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Inspirational Articles by Lygia Lovelace

 

 

Beth's Torch
by Lygia Lovelace

 

 

The first time I saw her, she was sitting on the front pew, hands over her face. I wasn't sure what to think…we were new in the church, and I hadn't yet met this "diamond in the rough." No one seemed even to notice her that morning. The lady in the group I was with kept right on talking. But when I saw this praying woman, I stopped and let the other ladies move on. I approached her, but I did not want to disturb her. This lady was obviously in deep conversation with her Father. She was on holy ground.

 

She rocked back and forth and was whispering a prayer that I knew had to be sweet incense to the Father. I longed to sit by her and to listen to her prayer, even to pray with her -- but I didn't want to interfere.

 

I looked at the clock. Worship would begin soon -- the Sunday school hour was coming to a close. As people began filtering in to the worship center, the woman got up and took a seat a few rows back. I quickly introduced myself. Her name was Beth.

 

Week after week before the worship hour, I would find Beth there, in the quiet sanctuary, whispering her petition to God. Sometimes her prayers could be heard by others as she forgot herself, and sat talking to her Heavenly Father. I admired her boldness, her oblivion to the "norm," her sweet devotion to her Father.

 

You see, according to the world's standards, she wasn't much at all. She was poor, hard of hearing, and at times, a slow thinker. She was just a woman who loved Jesus, loved her church, and her family. And she had such a burden for those without Christ.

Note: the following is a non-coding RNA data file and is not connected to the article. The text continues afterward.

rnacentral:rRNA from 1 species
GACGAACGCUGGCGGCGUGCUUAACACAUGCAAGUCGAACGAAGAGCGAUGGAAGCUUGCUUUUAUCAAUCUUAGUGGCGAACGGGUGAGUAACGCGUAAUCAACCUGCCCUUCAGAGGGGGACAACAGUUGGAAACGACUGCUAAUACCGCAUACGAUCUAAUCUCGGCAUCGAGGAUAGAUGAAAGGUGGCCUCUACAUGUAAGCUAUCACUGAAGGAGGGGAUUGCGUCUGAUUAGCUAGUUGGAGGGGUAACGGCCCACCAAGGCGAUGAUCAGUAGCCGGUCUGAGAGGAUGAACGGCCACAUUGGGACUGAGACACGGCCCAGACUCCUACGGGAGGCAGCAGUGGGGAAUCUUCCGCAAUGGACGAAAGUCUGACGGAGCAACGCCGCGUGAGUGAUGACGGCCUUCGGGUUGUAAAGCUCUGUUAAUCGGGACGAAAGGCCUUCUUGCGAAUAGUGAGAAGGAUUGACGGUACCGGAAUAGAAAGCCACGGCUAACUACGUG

Beth was the Father's precious daughter. She went home to be with Him, just a short time ago.

 

Though I hadn't even known it, Beth was terminally ill -- with a disease that was taking over her health little by little. She died quietly, even a little unexpectedly.

 

Beth is home now. She no longer sits on the front pew. Now she sits at the throne!

 

I have written her name in my book. Do you have a book? Since I have committed to knowing more and more about prayer, I have begun taking note of those whose prayer lives I admire -- great heroes of the faith, both then and now.

 

In my "prayer warrior" search, I started with the Word of God. I have gone through my Bible and marked the prayer of every person throughout the Word -- everyone who lived before Jesus was here, during his lifetime, and after. Regularly, I pray their prayers, and study their lives -- longing to gain wisdom from their relationship with Him.

 

Have you ever done this? I've learned to be open and honest in my prayer time through Moses' words -- as he went to God every time he didn't know what to do, or the people upset him.

 

Joshua has taught me the importance of going to the Father during every battle. Joshua didn't say as much to the Lord as Moses did, but he followed the Father unwaveringly and courageously.

 

I want a heart like Solomon had in his youth -- one of seeking God -- one of deep humility. Solomon was also a young man of worship.

 

Oh, that someday my prayers would be repentant and trusting as were David's! He started out as just a shepherd -- a boy of insignificance -- who grew to be a king and a mighty warrior before God.